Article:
H. then brought an application for access on the basis that he was a person standing in the place of a parent, or that he was a person who could be considered a parent in law.

Once you get past this case involving a same-sex couple – and the court’s finding that there are three individuals who have an interest in parenting this child – it seems like a relatively straightforward application of the in loco parentis principle.

In loco parentis literally means “in the place of a parent,” and it is applied in situations where a non-biological or non-adoptive parent has taken on a parenting role substantial enough that access or even custody is in the child’s best interests.  (That’s a double-edged sword: the in loco parentis parent may also have to pay child support.)

It doesn’t appear that the written decision is available online, but the biological parents’ denial of access to H. may have also been a factor.  When determining what is in the best interests of a child, the courts will consider the parties’ willingness to allow a relationship with the other parent.  Or, in this case, parents.

The right thing

New York State Senator Roy MacDonald, a Republican, on his decision to vote in favor of same-sex marriage:

“You get to the point where you evolve in your life where everything isn’t black and white, good and bad, and you try to do the right thing,” McDonald, 64, told reporters.

“You might not like that. You might be very cynical about that. Well, f— it, I don’t care what you think. I’m trying to do the right thing.

“I’m tired of Republican-Democrat politics. They can take the job and shove it. I come from a blue-collar background. I’m trying to do the right thing, and that’s where I’m going with this.”

More Republicans like this (and Ted Olson), please.

Same-sex marriage in Saskatchewan: no opting out

The Saskatchewan Court of Appeal has ruled that provincial marriage commissioners may not refuse to perform same-sex marriages, despite their religious beliefs:

In its decision, the Appeal Court said that accommodating commissioners’ religious convictions does not justify discriminating against same-sex couples who want to tie the knot.

Five judges on the bench at Saskatchewan’s Court of Appeal have been considering the case since it heard arguments on the proposed law last May.

That’s when the provincial government sought advice on two versions of its proposed law — one that would allow all of the province’s approximately 370 commissioners to refuse to wed couples on religious grounds, and another that would only allow the exemption for those who held the job before gay marriage was legalized in 2004.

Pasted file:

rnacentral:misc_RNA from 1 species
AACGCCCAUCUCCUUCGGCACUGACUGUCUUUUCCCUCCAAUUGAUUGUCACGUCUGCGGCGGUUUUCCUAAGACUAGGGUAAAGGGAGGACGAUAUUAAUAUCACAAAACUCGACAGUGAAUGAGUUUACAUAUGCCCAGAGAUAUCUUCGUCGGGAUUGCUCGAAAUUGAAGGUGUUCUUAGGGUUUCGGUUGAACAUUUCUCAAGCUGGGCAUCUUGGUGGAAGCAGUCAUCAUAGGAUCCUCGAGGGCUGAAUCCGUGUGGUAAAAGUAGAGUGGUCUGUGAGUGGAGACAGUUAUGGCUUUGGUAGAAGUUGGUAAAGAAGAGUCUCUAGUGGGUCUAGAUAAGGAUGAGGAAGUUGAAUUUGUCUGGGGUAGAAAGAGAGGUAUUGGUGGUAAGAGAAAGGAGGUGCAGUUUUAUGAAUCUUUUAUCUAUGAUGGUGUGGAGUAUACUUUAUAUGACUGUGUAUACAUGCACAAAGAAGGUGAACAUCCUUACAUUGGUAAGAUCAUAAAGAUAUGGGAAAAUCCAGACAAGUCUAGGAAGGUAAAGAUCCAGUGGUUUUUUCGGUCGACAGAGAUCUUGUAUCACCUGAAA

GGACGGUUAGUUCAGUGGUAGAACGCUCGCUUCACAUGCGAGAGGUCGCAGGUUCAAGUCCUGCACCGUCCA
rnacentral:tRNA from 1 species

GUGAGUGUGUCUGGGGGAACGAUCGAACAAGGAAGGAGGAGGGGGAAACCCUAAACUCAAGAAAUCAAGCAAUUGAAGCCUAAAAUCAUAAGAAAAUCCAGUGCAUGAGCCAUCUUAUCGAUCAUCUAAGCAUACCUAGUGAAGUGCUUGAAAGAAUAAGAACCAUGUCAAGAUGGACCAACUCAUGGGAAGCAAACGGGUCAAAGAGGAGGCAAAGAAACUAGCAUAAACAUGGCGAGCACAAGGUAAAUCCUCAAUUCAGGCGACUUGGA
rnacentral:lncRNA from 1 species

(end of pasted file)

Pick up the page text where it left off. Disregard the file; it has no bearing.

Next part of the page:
In the ruling issued Monday, the court said the effect of both options runs counter to Canada’s Charter of Rights and Freedoms.

“Either of them, if enacted, would violate the equality rights of gay and lesbian individuals. This violation would not be reasonable and justifiable within the meaning of s. 1 of the Charter. As a result, if put in place, either option would be unconstitutional and of no force or effect.”

In its decision, the court notes that marriage commissioners offer the only option for any individuals who want to marry in a non-religious ceremony.

“Many gay and lesbian couples will not have access to the institution of marriage unless they are able to call on a marriage commissioner to perform the required ceremony,” the decision stated.

Detractors had argued that no rights would be violated because the proposed law compelled anyone refusing to perform a same-sex civil wedding to refer the couple to another commissioner who will.

But the court did not find that argument persuasive, observing there were no provisions to guarantee a minimum number of commissioners, accessible throughout the province, who would be willing to marry same-sex couples.

“It is not difficult for most people to imagine the personal hurt involved in a situation where an individual is told by a governmental officer ‘I won’t help you because you are black (or Asian or First Nations) but someone else will’,” Justice Robert Richards wrote.

“Being told ‘I won’t help you because you are gay/lesbian but someone else will’ is no different.”

Sask. Justice Minister Don Morgan said the government will review the decision but added he did not think he would appeal.

Decision here.  I support same-sex marriage, and I would agree that new marriage commissioners have no business taking the job if they won’t perform such ceremonies.

That said, I’d still like to see the Supreme Court of Canada hear the issue.  Not just to clear up any controversy which may exist elsewhere in the country, but also because I think a fair case can be made for a grandfather clause.  Same-sex marriage went from loony fringe concept to established right in near-record time, and part of me would like to see the previous generation, overtaken by this remarkable social change, be allowed to finish out its term.